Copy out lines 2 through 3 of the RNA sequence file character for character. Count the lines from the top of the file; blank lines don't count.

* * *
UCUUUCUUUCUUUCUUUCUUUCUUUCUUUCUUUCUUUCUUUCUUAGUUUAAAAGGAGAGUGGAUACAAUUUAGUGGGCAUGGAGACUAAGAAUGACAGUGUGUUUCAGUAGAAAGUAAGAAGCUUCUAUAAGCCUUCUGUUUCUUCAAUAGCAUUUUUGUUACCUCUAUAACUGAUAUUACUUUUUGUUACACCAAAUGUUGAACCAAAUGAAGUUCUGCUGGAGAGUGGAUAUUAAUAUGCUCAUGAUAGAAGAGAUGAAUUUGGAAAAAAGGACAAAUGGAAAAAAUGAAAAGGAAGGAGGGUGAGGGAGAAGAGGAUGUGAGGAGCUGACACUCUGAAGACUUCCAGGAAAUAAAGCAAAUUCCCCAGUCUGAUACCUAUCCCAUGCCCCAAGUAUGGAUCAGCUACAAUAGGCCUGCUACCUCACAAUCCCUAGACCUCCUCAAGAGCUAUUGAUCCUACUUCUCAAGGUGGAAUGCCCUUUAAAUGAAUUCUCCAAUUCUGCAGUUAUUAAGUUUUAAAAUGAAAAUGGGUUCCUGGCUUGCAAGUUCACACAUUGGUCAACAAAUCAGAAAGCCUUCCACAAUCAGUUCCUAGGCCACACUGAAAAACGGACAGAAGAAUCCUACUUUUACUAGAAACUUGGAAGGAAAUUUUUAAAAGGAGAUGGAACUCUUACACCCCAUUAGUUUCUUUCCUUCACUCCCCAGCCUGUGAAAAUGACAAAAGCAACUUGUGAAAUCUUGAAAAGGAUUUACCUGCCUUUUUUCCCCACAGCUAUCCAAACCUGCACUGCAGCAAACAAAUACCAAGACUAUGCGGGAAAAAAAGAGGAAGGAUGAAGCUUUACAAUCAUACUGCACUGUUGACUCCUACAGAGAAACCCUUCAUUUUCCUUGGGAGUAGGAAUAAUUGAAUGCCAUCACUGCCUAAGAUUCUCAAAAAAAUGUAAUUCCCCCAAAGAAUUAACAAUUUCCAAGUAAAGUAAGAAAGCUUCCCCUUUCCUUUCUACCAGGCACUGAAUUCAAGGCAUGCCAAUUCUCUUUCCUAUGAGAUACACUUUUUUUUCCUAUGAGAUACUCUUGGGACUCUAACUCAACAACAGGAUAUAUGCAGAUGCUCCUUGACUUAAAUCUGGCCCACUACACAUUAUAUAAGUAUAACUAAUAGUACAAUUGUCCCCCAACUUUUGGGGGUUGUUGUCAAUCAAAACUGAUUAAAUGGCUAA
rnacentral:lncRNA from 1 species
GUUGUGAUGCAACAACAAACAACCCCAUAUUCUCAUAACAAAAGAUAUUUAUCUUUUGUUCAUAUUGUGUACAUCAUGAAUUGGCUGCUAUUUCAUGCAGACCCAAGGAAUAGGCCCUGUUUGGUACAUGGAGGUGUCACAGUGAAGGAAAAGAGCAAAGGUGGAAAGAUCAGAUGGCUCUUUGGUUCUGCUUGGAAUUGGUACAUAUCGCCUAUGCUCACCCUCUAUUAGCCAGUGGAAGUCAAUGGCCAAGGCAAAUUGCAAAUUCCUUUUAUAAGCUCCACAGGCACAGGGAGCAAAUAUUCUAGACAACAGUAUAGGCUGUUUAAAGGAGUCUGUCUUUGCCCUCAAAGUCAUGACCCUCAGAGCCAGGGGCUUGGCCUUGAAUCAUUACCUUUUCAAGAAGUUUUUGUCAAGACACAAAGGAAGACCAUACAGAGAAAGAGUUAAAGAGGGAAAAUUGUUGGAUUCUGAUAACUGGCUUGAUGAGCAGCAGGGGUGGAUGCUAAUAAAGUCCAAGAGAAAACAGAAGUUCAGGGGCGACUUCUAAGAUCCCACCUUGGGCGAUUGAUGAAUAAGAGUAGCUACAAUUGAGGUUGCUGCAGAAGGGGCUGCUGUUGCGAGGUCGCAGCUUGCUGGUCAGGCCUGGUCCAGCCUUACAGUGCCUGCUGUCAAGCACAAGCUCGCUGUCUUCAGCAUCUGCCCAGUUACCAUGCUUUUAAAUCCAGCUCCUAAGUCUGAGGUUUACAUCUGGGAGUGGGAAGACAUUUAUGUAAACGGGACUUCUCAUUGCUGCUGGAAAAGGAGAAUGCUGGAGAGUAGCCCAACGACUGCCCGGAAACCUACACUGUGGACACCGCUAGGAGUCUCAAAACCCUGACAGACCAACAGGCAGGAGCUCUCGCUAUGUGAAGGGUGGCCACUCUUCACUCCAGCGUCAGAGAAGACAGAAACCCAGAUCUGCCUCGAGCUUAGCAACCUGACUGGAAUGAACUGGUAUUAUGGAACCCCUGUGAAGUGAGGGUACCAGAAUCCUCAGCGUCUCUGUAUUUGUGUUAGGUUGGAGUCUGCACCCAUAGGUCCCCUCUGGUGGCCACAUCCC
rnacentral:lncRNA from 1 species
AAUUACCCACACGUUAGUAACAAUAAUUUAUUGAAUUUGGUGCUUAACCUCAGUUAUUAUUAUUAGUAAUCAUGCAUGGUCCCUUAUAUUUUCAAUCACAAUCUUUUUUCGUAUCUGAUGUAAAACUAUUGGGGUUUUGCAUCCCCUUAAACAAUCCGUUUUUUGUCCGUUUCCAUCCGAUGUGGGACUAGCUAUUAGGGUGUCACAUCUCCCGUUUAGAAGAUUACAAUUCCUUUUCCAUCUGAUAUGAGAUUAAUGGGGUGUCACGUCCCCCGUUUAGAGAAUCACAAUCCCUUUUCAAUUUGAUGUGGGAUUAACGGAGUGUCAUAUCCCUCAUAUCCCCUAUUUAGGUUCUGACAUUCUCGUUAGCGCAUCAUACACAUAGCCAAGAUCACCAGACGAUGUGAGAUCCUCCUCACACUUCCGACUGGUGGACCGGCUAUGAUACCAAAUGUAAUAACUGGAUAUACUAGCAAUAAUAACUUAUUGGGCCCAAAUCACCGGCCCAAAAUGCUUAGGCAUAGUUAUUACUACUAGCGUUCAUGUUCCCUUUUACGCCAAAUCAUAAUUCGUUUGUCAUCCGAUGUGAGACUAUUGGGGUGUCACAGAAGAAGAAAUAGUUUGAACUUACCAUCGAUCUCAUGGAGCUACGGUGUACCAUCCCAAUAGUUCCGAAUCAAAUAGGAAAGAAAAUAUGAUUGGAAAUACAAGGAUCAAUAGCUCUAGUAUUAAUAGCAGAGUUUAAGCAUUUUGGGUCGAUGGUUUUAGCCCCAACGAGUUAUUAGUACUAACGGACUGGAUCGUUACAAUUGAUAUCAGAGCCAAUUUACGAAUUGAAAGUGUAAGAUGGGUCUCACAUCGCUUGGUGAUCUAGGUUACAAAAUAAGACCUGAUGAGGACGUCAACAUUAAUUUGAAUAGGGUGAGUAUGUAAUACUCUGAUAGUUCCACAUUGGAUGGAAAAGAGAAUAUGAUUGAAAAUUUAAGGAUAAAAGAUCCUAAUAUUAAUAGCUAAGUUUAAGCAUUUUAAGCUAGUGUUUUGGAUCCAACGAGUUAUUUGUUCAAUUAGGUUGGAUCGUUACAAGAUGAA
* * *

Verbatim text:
rnacentral:lncRNA from 1 species
GUUGUGAUGCAACAACAAACAACCCCAUAUUCUCAUAACAAAAGAUAUUUAUCUUUUGUUCAUAUUGUGUACAUCAUGAAUUGGCUGCUAUUUCAUGCAGACCCAAGGAAUAGGCCCUGUUUGGUACAUGGAGGUGUCACAGUGAAGGAAAAGAGCAAAGGUGGAAAGAUCAGAUGGCUCUUUGGUUCUGCUUGGAAUUGGUACAUAUCGCCUAUGCUCACCCUCUAUUAGCCAGUGGAAGUCAAUGGCCAAGGCAAAUUGCAAAUUCCUUUUAUAAGCUCCACAGGCACAGGGAGCAAAUAUUCUAGACAACAGUAUAGGCUGUUUAAAGGAGUCUGUCUUUGCCCUCAAAGUCAUGACCCUCAGAGCCAGGGGCUUGGCCUUGAAUCAUUACCUUUUCAAGAAGUUUUUGUCAAGACACAAAGGAAGACCAUACAGAGAAAGAGUUAAAGAGGGAAAAUUGUUGGAUUCUGAUAACUGGCUUGAUGAGCAGCAGGGGUGGAUGCUAAUAAAGUCCAAGAGAAAACAGAAGUUCAGGGGCGACUUCUAAGAUCCCACCUUGGGCGAUUGAUGAAUAAGAGUAGCUACAAUUGAGGUUGCUGCAGAAGGGGCUGCUGUUGCGAGGUCGCAGCUUGCUGGUCAGGCCUGGUCCAGCCUUACAGUGCCUGCUGUCAAGCACAAGCUCGCUGUCUUCAGCAUCUGCCCAGUUACCAUGCUUUUAAAUCCAGCUCCUAAGUCUGAGGUUUACAUCUGGGAGUGGGAAGACAUUUAUGUAAACGGGACUUCUCAUUGCUGCUGGAAAAGGAGAAUGCUGGAGAGUAGCCCAACGACUGCCCGGAAACCUACACUGUGGACACCGCUAGGAGUCUCAAAACCCUGACAGACCAACAGGCAGGAGCUCUCGCUAUGUGAAGGGUGGCCACUCUUCACUCCAGCGUCAGAGAAGACAGAAACCCAGAUCUGCCUCGAGCUUAGCAACCUGACUGGAAUGAACUGGUAUUAUGGAACCCCUGUGAAGUGAGGGUACCAGAAUCCUCAGCGUCUCUGUAUUUGUGUUAGGUUGGAGUCUGCACCCAUAGGUCCCCUCUGGUGGCCACAUCCC